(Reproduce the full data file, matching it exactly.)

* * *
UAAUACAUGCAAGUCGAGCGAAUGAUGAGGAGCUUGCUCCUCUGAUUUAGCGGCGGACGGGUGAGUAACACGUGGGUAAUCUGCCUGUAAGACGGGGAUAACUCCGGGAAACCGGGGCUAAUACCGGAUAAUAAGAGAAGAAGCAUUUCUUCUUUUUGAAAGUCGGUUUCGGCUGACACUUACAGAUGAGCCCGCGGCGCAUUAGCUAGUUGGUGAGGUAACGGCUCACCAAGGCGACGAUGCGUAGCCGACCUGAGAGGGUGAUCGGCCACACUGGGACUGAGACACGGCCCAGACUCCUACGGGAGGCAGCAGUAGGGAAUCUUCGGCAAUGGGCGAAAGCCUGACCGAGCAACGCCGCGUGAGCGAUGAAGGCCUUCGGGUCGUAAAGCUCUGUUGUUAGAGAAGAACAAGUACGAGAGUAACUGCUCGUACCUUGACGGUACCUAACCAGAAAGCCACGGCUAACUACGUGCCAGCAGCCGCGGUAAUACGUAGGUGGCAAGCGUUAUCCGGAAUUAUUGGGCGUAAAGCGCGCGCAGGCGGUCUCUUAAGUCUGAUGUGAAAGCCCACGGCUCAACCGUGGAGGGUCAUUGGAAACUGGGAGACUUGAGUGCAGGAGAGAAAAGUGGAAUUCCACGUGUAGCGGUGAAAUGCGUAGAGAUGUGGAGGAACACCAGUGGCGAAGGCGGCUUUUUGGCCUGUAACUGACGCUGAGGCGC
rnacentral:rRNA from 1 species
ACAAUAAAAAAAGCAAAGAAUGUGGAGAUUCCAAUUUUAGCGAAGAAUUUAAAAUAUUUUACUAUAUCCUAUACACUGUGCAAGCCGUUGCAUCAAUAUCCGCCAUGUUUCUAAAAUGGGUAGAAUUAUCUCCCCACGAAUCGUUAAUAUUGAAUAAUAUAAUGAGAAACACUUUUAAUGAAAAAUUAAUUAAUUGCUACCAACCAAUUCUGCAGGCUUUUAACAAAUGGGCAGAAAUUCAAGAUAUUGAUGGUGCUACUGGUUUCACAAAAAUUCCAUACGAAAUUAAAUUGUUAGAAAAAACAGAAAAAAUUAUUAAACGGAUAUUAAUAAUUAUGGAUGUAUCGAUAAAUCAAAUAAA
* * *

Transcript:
UAAUACAUGCAAGUCGAGCGAAUGAUGAGGAGCUUGCUCCUCUGAUUUAGCGGCGGACGGGUGAGUAACACGUGGGUAAUCUGCCUGUAAGACGGGGAUAACUCCGGGAAACCGGGGCUAAUACCGGAUAAUAAGAGAAGAAGCAUUUCUUCUUUUUGAAAGUCGGUUUCGGCUGACACUUACAGAUGAGCCCGCGGCGCAUUAGCUAGUUGGUGAGGUAACGGCUCACCAAGGCGACGAUGCGUAGCCGACCUGAGAGGGUGAUCGGCCACACUGGGACUGAGACACGGCCCAGACUCCUACGGGAGGCAGCAGUAGGGAAUCUUCGGCAAUGGGCGAAAGCCUGACCGAGCAACGCCGCGUGAGCGAUGAAGGCCUUCGGGUCGUAAAGCUCUGUUGUUAGAGAAGAACAAGUACGAGAGUAACUGCUCGUACCUUGACGGUACCUAACCAGAAAGCCACGGCUAACUACGUGCCAGCAGCCGCGGUAAUACGUAGGUGGCAAGCGUUAUCCGGAAUUAUUGGGCGUAAAGCGCGCGCAGGCGGUCUCUUAAGUCUGAUGUGAAAGCCCACGGCUCAACCGUGGAGGGUCAUUGGAAACUGGGAGACUUGAGUGCAGGAGAGAAAAGUGGAAUUCCACGUGUAGCGGUGAAAUGCGUAGAGAUGUGGAGGAACACCAGUGGCGAAGGCGGCUUUUUGGCCUGUAACUGACGCUGAGGCGC
rnacentral:rRNA from 1 species
ACAAUAAAAAAAGCAAAGAAUGUGGAGAUUCCAAUUUUAGCGAAGAAUUUAAAAUAUUUUACUAUAUCCUAUACACUGUGCAAGCCGUUGCAUCAAUAUCCGCCAUGUUUCUAAAAUGGGUAGAAUUAUCUCCCCACGAAUCGUUAAUAUUGAAUAAUAUAAUGAGAAACACUUUUAAUGAAAAAUUAAUUAAUUGCUACCAACCAAUUCUGCAGGCUUUUAACAAAUGGGCAGAAAUUCAAGAUAUUGAUGGUGCUACUGGUUUCACAAAAAUUCCAUACGAAAUUAAAUUGUUAGAAAAAACAGAAAAAAUUAUUAAACGGAUAUUAAUAAUUAUGGAUGUAUCGAUAAAUCAAAUAAA